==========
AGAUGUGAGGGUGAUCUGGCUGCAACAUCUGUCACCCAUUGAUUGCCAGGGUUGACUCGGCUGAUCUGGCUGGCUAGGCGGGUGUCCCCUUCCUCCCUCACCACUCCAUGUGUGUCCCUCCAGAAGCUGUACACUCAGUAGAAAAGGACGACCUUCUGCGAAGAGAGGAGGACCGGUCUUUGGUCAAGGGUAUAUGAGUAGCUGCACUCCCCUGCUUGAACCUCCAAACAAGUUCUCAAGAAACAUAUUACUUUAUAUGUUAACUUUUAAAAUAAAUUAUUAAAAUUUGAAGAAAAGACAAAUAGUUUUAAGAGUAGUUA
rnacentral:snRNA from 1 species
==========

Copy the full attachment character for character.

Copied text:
AGAUGUGAGGGUGAUCUGGCUGCAACAUCUGUCACCCAUUGAUUGCCAGGGUUGACUCGGCUGAUCUGGCUGGCUAGGCGGGUGUCCCCUUCCUCCCUCACCACUCCAUGUGUGUCCCUCCAGAAGCUGUACACUCAGUAGAAAAGGACGACCUUCUGCGAAGAGAGGAGGACCGGUCUUUGGUCAAGGGUAUAUGAGUAGCUGCACUCCCCUGCUUGAACCUCCAAACAAGUUCUCAAGAAACAUAUUACUUUAUAUGUUAACUUUUAAAAUAAAUUAUUAAAAUUUGAAGAAAAGACAAAUAGUUUUAAGAGUAGUUA
rnacentral:snRNA from 1 species